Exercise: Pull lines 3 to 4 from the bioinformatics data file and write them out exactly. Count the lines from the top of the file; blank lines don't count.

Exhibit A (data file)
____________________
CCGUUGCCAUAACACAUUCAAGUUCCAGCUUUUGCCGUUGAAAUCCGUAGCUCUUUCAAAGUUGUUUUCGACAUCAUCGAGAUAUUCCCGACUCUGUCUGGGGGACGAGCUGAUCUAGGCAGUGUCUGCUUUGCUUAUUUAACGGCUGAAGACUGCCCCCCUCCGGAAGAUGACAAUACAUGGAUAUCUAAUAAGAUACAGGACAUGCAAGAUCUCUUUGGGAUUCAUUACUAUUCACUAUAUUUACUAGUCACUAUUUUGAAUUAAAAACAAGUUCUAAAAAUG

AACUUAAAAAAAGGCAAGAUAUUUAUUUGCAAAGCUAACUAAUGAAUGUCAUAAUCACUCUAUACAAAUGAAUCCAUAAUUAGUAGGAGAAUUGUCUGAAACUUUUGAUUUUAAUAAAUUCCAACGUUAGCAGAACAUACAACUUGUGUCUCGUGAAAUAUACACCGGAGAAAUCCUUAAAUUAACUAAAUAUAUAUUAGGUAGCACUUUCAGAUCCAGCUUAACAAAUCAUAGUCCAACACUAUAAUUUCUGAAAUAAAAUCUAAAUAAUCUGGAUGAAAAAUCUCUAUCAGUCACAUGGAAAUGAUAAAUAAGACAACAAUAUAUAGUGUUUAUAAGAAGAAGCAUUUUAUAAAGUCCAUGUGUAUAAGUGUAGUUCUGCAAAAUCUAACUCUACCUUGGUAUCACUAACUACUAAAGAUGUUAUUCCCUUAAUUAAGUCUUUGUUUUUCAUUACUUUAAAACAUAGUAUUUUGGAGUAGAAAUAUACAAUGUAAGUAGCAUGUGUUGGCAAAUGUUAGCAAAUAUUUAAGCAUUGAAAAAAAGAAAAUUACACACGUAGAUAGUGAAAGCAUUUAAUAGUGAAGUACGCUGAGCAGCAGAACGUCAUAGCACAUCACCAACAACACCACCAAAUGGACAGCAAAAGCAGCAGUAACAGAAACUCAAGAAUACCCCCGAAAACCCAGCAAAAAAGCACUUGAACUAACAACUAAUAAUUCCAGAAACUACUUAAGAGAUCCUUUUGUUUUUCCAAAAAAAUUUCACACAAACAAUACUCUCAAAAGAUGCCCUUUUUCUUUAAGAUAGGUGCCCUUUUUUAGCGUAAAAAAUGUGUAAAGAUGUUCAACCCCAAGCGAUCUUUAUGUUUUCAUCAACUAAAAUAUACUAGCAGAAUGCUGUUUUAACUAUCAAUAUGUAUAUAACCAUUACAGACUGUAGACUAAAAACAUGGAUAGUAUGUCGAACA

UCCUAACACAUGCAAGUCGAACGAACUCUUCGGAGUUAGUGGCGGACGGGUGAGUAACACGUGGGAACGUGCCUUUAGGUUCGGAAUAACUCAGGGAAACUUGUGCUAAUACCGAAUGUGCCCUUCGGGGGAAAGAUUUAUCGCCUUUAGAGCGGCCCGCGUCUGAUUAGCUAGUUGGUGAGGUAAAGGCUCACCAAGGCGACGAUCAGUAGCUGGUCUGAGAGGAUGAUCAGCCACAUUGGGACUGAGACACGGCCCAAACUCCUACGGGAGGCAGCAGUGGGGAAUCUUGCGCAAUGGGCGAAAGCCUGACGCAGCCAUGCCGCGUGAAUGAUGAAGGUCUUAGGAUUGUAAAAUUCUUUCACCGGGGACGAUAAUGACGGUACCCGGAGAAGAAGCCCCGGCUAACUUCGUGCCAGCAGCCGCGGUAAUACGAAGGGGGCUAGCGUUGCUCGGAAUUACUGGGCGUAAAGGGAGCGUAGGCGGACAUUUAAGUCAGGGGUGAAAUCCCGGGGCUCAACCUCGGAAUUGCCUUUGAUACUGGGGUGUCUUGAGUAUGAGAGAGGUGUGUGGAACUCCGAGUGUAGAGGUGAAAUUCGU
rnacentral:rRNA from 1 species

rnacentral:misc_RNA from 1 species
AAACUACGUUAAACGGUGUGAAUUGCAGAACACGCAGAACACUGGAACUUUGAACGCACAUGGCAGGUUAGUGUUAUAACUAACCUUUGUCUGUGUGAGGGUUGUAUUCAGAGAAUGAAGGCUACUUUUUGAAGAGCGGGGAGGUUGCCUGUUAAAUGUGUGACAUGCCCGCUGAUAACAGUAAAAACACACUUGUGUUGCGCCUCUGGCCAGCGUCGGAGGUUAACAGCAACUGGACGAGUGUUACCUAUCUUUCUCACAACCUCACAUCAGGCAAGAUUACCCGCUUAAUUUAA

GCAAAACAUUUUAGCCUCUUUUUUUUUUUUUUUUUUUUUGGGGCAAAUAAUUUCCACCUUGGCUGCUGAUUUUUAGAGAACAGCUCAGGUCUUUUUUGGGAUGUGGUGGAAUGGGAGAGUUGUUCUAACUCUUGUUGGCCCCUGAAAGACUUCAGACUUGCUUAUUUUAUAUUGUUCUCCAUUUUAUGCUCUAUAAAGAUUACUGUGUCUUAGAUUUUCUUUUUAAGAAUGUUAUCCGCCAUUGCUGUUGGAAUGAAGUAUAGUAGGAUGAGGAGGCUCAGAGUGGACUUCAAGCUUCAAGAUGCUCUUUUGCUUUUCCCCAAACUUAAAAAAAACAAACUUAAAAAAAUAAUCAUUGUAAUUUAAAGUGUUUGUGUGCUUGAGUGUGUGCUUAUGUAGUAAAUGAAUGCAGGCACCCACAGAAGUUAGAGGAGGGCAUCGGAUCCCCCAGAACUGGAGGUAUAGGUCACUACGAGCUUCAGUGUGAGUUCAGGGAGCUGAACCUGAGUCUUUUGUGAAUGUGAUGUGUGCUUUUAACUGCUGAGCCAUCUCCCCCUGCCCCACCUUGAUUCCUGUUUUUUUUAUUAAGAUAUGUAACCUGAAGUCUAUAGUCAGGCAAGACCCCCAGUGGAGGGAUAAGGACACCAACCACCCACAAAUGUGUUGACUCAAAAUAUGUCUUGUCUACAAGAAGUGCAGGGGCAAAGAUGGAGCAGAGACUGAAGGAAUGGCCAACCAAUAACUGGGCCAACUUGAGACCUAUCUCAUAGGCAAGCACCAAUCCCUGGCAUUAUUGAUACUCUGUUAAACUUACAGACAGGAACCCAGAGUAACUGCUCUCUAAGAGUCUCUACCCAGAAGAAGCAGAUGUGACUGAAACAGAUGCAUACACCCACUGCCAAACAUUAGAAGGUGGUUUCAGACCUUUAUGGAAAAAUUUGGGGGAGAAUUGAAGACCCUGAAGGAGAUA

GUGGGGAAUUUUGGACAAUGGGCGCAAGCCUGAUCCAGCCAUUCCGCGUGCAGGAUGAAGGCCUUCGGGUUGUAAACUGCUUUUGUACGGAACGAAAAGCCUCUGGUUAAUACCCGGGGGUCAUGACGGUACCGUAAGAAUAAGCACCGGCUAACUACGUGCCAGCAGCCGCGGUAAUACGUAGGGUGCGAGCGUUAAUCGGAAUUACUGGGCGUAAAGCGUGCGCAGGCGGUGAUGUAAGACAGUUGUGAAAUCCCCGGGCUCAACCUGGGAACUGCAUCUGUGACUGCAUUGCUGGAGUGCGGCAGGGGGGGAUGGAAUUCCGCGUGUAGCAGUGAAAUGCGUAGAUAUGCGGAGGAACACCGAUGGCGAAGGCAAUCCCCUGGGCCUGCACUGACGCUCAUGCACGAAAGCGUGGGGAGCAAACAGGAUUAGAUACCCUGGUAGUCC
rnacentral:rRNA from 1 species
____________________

UCCUAACACAUGCAAGUCGAACGAACUCUUCGGAGUUAGUGGCGGACGGGUGAGUAACACGUGGGAACGUGCCUUUAGGUUCGGAAUAACUCAGGGAAACUUGUGCUAAUACCGAAUGUGCCCUUCGGGGGAAAGAUUUAUCGCCUUUAGAGCGGCCCGCGUCUGAUUAGCUAGUUGGUGAGGUAAAGGCUCACCAAGGCGACGAUCAGUAGCUGGUCUGAGAGGAUGAUCAGCCACAUUGGGACUGAGACACGGCCCAAACUCCUACGGGAGGCAGCAGUGGGGAAUCUUGCGCAAUGGGCGAAAGCCUGACGCAGCCAUGCCGCGUGAAUGAUGAAGGUCUUAGGAUUGUAAAAUUCUUUCACCGGGGACGAUAAUGACGGUACCCGGAGAAGAAGCCCCGGCUAACUUCGUGCCAGCAGCCGCGGUAAUACGAAGGGGGCUAGCGUUGCUCGGAAUUACUGGGCGUAAAGGGAGCGUAGGCGGACAUUUAAGUCAGGGGUGAAAUCCCGGGGCUCAACCUCGGAAUUGCCUUUGAUACUGGGGUGUCUUGAGUAUGAGAGAGGUGUGUGGAACUCCGAGUGUAGAGGUGAAAUUCGU
rnacentral:rRNA from 1 species